“I don’t…” She wanted to say “I don’t love you,” but suddenly she stopped.
“I love you less!” she said.
A Moment's Pause
I think she was surprised by the fact that she didn’t love me in that moment. Her prefrontal cortex, the part of her brain responsible for reasoning and judgment, which shuts down when connection is lost, like during in a tantrum, re-activated, and she started thinking more clearly.
“That’s OK,” I said. “I’ll stand here and love for the both of us. Don’t worry!”
“I love you just this much,” she said, and she made a heart shape with her little hands.
“Oh, that’s a lot!” I said.
“No!” She made a really small circle with her thumb and index finger. “I actually love you this much.”
“You can love me as much as a dot. I’ll still love you a lot,” I said.
She looked at me incredulously, but then she made the heart shape out of her hands again and smiled at me through it.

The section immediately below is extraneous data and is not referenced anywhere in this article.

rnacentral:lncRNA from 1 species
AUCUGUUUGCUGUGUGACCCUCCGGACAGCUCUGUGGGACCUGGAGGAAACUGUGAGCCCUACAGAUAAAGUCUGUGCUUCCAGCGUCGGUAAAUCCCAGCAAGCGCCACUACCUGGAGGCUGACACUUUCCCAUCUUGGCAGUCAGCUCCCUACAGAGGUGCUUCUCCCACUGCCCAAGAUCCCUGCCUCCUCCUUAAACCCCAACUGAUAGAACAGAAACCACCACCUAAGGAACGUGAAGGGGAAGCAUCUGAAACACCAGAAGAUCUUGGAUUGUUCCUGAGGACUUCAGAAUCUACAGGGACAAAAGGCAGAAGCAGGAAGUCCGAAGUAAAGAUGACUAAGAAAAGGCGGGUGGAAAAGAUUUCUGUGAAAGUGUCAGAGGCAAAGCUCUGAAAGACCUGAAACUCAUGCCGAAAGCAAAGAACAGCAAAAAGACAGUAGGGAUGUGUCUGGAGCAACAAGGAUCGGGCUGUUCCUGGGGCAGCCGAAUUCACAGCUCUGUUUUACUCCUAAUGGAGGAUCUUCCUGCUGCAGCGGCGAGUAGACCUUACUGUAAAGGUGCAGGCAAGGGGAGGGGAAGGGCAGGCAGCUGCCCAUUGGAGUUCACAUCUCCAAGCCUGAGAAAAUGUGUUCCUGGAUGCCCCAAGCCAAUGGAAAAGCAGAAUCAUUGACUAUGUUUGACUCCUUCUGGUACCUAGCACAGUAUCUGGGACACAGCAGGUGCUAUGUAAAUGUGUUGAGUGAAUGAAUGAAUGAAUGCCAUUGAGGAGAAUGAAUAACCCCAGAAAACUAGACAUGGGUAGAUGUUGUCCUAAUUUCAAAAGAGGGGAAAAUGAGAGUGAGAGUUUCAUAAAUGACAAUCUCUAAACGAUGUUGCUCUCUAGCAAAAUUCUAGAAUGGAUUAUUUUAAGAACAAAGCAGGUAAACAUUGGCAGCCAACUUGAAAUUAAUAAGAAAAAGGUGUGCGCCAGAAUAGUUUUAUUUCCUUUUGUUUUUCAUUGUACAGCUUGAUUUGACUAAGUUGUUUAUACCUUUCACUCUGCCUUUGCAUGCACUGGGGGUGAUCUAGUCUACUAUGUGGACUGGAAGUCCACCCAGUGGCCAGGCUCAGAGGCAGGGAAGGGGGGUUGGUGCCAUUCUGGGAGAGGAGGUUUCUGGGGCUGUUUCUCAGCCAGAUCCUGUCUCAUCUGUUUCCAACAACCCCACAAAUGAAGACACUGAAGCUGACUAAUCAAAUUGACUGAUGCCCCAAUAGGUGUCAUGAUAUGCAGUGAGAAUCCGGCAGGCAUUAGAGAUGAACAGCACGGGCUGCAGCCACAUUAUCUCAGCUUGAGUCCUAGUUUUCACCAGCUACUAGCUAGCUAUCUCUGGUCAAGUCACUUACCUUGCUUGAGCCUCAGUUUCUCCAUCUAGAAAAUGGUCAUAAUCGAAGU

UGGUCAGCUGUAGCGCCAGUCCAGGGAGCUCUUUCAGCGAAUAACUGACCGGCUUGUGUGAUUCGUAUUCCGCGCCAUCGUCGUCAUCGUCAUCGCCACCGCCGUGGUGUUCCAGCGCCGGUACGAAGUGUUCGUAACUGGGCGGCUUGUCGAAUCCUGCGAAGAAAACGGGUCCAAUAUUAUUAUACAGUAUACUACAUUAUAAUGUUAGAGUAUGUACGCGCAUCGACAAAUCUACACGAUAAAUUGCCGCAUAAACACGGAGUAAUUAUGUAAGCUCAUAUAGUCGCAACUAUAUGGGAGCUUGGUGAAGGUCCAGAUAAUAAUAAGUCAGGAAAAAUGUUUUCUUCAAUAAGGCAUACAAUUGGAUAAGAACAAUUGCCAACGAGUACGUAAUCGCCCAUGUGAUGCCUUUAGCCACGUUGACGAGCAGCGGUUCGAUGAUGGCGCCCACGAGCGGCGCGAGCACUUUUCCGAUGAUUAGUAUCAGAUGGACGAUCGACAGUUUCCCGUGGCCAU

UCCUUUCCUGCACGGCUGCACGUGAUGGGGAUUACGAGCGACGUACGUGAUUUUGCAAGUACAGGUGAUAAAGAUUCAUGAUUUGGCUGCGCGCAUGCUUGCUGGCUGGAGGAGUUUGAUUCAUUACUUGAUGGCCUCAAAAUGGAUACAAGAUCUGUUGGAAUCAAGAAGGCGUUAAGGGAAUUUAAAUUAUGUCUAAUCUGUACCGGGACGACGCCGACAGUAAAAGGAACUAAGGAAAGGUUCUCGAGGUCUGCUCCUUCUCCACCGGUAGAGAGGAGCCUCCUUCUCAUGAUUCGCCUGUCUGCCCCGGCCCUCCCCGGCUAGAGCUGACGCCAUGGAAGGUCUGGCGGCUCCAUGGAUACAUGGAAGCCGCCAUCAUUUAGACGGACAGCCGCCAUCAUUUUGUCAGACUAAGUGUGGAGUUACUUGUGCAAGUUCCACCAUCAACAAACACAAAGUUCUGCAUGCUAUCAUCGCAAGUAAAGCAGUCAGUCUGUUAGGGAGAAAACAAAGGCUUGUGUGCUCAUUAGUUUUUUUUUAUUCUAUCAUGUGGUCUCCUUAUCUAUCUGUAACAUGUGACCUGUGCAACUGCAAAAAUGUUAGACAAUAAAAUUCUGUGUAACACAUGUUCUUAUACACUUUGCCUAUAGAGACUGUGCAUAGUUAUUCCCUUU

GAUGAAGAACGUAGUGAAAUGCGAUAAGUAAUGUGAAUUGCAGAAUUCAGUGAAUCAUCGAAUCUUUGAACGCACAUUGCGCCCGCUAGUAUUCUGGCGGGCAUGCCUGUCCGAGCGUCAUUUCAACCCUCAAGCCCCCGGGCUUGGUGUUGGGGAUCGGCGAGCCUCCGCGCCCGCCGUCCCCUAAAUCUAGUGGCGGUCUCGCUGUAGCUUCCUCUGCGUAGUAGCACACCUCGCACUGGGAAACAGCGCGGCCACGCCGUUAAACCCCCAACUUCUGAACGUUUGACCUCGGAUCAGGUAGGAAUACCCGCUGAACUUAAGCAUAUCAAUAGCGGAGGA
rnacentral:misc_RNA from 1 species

“Oh, a heart-shaped mouth! So cute!” I said.
She made me “see” different parts of her body through the hearts. After a few times, I noticed she was more relaxed so I told her I would look at three more things shaped by hearts and then I’d go do Special Time with her sister.
She agreed, but she asked Eva if she could watch our Special Time, and her sister agreed. I was a little nervous because Areta often tries to join in with other people’s Special Time. This time, I respected their agreement and planned only to intervene if necessary.
That time never came.